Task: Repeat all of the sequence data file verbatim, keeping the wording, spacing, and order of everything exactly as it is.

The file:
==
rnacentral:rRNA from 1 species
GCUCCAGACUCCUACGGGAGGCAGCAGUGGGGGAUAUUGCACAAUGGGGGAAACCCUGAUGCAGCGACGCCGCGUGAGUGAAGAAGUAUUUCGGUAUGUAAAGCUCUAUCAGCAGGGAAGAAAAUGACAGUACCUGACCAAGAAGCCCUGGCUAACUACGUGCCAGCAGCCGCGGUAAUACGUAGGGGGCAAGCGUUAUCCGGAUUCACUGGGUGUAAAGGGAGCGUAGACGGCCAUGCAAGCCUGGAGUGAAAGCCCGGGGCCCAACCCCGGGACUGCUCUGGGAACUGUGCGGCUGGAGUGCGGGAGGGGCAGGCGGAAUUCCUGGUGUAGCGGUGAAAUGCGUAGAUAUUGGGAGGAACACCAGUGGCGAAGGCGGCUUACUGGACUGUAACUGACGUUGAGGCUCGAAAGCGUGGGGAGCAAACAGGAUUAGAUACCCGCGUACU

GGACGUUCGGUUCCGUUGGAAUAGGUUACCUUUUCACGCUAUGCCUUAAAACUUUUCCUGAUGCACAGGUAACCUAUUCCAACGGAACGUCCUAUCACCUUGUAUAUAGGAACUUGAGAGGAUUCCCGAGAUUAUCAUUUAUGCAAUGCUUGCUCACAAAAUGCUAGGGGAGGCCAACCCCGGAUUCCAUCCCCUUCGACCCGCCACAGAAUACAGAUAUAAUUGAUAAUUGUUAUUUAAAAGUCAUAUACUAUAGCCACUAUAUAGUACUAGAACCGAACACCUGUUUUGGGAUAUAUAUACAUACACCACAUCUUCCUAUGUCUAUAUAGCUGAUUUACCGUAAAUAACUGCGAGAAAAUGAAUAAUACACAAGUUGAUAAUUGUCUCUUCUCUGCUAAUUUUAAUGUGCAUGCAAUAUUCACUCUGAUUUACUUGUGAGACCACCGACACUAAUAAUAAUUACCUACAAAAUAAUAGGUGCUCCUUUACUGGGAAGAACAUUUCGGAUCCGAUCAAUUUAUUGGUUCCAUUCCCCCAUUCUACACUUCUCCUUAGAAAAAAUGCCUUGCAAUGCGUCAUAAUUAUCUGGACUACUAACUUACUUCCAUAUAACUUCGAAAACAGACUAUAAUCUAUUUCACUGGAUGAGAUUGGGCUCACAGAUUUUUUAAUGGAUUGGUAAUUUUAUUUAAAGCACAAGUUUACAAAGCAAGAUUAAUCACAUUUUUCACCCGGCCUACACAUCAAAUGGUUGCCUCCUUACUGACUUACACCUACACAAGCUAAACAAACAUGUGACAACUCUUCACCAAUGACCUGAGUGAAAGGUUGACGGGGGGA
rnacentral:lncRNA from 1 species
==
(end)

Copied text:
rnacentral:rRNA from 1 species
GCUCCAGACUCCUACGGGAGGCAGCAGUGGGGGAUAUUGCACAAUGGGGGAAACCCUGAUGCAGCGACGCCGCGUGAGUGAAGAAGUAUUUCGGUAUGUAAAGCUCUAUCAGCAGGGAAGAAAAUGACAGUACCUGACCAAGAAGCCCUGGCUAACUACGUGCCAGCAGCCGCGGUAAUACGUAGGGGGCAAGCGUUAUCCGGAUUCACUGGGUGUAAAGGGAGCGUAGACGGCCAUGCAAGCCUGGAGUGAAAGCCCGGGGCCCAACCCCGGGACUGCUCUGGGAACUGUGCGGCUGGAGUGCGGGAGGGGCAGGCGGAAUUCCUGGUGUAGCGGUGAAAUGCGUAGAUAUUGGGAGGAACACCAGUGGCGAAGGCGGCUUACUGGACUGUAACUGACGUUGAGGCUCGAAAGCGUGGGGAGCAAACAGGAUUAGAUACCCGCGUACU

GGACGUUCGGUUCCGUUGGAAUAGGUUACCUUUUCACGCUAUGCCUUAAAACUUUUCCUGAUGCACAGGUAACCUAUUCCAACGGAACGUCCUAUCACCUUGUAUAUAGGAACUUGAGAGGAUUCCCGAGAUUAUCAUUUAUGCAAUGCUUGCUCACAAAAUGCUAGGGGAGGCCAACCCCGGAUUCCAUCCCCUUCGACCCGCCACAGAAUACAGAUAUAAUUGAUAAUUGUUAUUUAAAAGUCAUAUACUAUAGCCACUAUAUAGUACUAGAACCGAACACCUGUUUUGGGAUAUAUAUACAUACACCACAUCUUCCUAUGUCUAUAUAGCUGAUUUACCGUAAAUAACUGCGAGAAAAUGAAUAAUACACAAGUUGAUAAUUGUCUCUUCUCUGCUAAUUUUAAUGUGCAUGCAAUAUUCACUCUGAUUUACUUGUGAGACCACCGACACUAAUAAUAAUUACCUACAAAAUAAUAGGUGCUCCUUUACUGGGAAGAACAUUUCGGAUCCGAUCAAUUUAUUGGUUCCAUUCCCCCAUUCUACACUUCUCCUUAGAAAAAAUGCCUUGCAAUGCGUCAUAAUUAUCUGGACUACUAACUUACUUCCAUAUAACUUCGAAAACAGACUAUAAUCUAUUUCACUGGAUGAGAUUGGGCUCACAGAUUUUUUAAUGGAUUGGUAAUUUUAUUUAAAGCACAAGUUUACAAAGCAAGAUUAAUCACAUUUUUCACCCGGCCUACACAUCAAAUGGUUGCCUCCUUACUGACUUACACCUACACAAGCUAAACAAACAUGUGACAACUCUUCACCAAUGACCUGAGUGAAAGGUUGACGGGGGGA
rnacentral:lncRNA from 1 species